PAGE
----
Foredown Tower Reopening

After several years of dereliction, Foredown Tower in Portslade has reopened as a learning and visitor centre.

It is no accident that Foredown Tower sits on a wind-swept hill, a fair old distance from the majority of people living in Brighton & Hove. After all, it originally served as the water tower for Foredown Hospital, a sanatorium for those with infectious diseases.

Construction of the hospital began in 1883, a time when there were no houses at all in the vicinity, and its water tower in 1909. The hospital was demolished in 1988 though a terracotta plaque which bears the date AD 1833 survives in the wall of the fairly non-descript housing development that replaced it. Each was a typically solid Victorian structure with the potential to last hundreds of years. The tower was spared fortunately and reopened in 1991 as home to a camera obscura.

The camera lives at the very top of the tower, within a large room that consists of the old water tank itself along with a raised section above with a pitched roof and windows. There are around ten camerae obscurae (I love that plural) in the UK which makes it all the more upsetting that ours is not yet fully open to the public.

I was recently invited by Foredown Tower’s Centre Development Officer, Jayne Routley, to attend a reopening ceremony with Mike Weatherley MP to commemorate the building’s new role as an adult education hub. A programme of works is now underway to adapt the building for its new use. This has so far seen repairs to the path and will eventually see the replacement of the current unsuitable windows. The famous camera obscura won’t be open fully open to the public for some time yet.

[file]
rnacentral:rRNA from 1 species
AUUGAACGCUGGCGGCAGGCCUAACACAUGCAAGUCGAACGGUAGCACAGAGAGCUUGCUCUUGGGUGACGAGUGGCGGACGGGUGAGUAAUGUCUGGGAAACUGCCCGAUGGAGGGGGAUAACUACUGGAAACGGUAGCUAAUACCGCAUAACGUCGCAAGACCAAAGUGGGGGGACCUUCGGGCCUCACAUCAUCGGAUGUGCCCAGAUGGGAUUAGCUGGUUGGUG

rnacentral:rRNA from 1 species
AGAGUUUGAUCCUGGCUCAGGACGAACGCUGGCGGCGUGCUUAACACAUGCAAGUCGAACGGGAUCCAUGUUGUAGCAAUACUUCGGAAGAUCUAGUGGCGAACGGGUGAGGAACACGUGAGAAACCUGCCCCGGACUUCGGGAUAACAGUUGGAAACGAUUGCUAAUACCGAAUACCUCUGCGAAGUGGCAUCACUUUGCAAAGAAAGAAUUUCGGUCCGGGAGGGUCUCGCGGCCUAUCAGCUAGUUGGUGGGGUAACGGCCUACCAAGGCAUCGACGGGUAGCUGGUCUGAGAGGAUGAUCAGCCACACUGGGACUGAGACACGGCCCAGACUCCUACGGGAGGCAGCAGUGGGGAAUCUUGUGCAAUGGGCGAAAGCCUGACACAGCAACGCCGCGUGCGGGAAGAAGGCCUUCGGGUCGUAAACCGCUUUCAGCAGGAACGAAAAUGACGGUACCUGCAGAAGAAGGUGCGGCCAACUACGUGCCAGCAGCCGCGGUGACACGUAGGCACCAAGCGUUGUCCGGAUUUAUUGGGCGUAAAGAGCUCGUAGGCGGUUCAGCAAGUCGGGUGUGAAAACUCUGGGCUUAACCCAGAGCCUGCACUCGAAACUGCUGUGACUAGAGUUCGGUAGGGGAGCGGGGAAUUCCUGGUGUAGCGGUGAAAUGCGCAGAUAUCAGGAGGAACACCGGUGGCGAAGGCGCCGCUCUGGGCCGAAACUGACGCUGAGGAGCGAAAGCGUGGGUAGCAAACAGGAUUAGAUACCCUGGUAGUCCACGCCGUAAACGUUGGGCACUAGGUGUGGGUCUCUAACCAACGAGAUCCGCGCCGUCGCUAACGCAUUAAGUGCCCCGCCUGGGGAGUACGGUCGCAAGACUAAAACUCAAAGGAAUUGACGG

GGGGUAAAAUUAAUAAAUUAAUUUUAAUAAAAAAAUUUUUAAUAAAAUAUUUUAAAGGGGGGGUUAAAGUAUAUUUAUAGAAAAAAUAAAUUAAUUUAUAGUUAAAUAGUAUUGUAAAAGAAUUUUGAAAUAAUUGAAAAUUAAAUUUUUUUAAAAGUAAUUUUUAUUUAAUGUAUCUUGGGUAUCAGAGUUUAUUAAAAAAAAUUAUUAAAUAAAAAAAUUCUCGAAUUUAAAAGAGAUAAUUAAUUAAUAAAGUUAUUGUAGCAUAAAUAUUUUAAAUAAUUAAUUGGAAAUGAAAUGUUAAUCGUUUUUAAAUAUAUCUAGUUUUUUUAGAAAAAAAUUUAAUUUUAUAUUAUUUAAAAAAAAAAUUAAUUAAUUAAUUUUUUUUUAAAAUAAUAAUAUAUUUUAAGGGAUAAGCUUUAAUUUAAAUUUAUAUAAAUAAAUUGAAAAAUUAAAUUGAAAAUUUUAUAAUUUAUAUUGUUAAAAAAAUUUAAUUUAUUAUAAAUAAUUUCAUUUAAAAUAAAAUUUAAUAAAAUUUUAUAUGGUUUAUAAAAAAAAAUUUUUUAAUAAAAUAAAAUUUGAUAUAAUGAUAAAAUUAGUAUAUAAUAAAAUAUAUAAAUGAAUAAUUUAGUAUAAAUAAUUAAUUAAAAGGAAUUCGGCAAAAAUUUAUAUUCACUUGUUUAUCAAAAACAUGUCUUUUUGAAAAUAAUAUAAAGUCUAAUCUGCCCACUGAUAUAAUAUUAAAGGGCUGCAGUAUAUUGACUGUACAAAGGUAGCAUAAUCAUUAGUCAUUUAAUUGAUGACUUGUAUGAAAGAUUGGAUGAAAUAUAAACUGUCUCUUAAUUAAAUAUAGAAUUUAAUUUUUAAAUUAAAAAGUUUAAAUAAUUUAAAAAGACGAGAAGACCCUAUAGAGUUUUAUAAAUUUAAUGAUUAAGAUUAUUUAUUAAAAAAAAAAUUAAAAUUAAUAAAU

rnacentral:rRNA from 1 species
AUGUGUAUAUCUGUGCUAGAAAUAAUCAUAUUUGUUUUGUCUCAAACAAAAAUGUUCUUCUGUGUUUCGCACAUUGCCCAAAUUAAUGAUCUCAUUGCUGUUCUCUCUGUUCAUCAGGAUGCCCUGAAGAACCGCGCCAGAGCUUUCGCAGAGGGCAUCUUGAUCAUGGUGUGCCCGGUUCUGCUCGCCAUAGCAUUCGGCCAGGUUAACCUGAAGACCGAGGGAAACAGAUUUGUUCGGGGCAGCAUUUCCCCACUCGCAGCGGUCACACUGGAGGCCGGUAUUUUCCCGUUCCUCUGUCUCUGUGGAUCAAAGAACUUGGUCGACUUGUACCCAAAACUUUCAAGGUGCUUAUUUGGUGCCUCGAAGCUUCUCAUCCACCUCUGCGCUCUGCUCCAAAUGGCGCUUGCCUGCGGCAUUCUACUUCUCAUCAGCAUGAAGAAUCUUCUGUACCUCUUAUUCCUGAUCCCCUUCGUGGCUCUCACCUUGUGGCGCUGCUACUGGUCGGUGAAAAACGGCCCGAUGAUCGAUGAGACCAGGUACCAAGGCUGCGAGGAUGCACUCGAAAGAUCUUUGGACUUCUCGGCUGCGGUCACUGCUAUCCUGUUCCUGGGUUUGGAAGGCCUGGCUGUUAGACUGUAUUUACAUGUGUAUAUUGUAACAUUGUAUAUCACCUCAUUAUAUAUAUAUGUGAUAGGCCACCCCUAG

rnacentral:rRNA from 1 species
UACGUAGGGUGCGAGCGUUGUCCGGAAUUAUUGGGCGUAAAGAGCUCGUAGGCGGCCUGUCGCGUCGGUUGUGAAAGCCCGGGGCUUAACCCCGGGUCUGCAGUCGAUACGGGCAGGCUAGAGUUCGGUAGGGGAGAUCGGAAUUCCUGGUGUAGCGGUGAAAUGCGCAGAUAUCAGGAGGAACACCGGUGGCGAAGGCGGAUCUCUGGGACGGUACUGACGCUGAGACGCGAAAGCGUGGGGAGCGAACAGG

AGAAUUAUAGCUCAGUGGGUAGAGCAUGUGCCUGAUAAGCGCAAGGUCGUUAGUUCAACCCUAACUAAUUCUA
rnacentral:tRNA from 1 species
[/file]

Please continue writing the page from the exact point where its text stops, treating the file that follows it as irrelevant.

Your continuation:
My recent trip up to Foredown Tower reminded me of just how much I love non-residential Victorian architecture. Not only were Victorian waterworks, stations, schools and hospitals built to last, they are each packed with use-related paraphernalia. Whether it be the tower’s water tank and its over-sized ballcock, or the water corporation’s iron boundary markers outside (with the location removed to apparently confuse the Germans), or the hospital’s speaking tubes (like those on battleships) which are now gone forever, the features are fascinating.

Courses at Foredown start in January and will, to my pleasure, include some local history classes by popular local lecturer Sarah Tobias. See